Whether you receive benefits through Social Security Disability Insurance (SSDI), Supplemental Security Income (SSI), or both programs, you may receive an overpayment at some point. If you do, it is important to understand what happens next, including how you should proceed.
Sometimes the error occurs on the SSA’s side, but more often than not, overpayments happen because a benefit recipient fails to notify the SSA of a change. Changes that can affect eligibility or the amount of monthly benefit payments include:
- Improvement in your medical condition
- An increase in your hours of work, if you are still working
- Changes in income or financial resources, if you are receiving SSI benefits
- Adjustments in your living situation or family status, particularly if you receive SSI
It is best to stay in regular contact with the SSA regarding any changes that could affect your benefit payments. If you are in doubt, it is better to call and find out than it is to owe the SSA hundreds or thousands of dollars in overpayments.
Catch Overpayments when They Happen
In the past, catching an overpayment was a little easier, as benefits were sent via check. Today however, Social Security Disability payments are issued electronically as automatic deposits, so it is even more important to be mindful of always checking the amount of monthly benefits.
Funds may be transferred to your bank account or a benefit card, dependent upon how you have your payments setup. Either way, it is important to catch overpayments when they happen so you do not spend the extra funds.
When the Social Security Administration (SSA) catches an error, they will demand you repay the money, though they may allow you to repay it over time. Be sure to monitor your benefit payments on a consistent basis and catch overpayments when they happen. This makes paying back the SSA simpler for you.
Reporting an Overpayment
If you notice your benefit amount is larger than usual, contact the SSA to verify your benefits are accurate before spending any of the additional funds. Call the SSA at 1-800-772-1213 to express your concerns over the change in your benefit amount.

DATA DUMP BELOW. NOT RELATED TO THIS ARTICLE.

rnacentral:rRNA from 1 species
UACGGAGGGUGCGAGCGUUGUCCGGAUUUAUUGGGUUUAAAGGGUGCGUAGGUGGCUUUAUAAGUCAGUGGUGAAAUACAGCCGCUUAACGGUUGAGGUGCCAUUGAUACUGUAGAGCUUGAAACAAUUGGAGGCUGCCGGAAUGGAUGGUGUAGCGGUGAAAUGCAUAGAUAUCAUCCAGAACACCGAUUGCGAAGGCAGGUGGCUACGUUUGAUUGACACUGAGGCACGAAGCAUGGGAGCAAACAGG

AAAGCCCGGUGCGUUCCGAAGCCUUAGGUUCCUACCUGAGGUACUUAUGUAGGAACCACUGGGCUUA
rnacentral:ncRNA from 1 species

The SSA representative with whom you speak may not immediately be able to give you an answer about whether or not there was an overpayment. Hold the “additional” funds in reserve, just in case they need to be paid back.
When an Overpayment Occurs
The SSA will investigate your concerns and determine if there was an overpayment. If they find there was an overpayment of benefits, you will receive a notice detailing:
- The overpayment amount
- The reason for the overpayment
- The repayment terms, including typically a 30-day due date for repayment
- The process for:
- Making other payment arrangements
- Requesting a waiver due to financial hardship
- Appealing the determination of the overpayment, if the error was not your fault
In most cases, the SSA will expect repayment of any funds issued to you over and above the benefits you were entitled to receive. If you did not immediately realize there was an overpayment and spent some or all of the funds, you may wish to seek assistance from a Social Security advocate or attorney in dealing with the SSA regarding repayment terms and conditions. This is especially true if you believe you were not at fault for the overpayment and that the SSA is responsible for the error.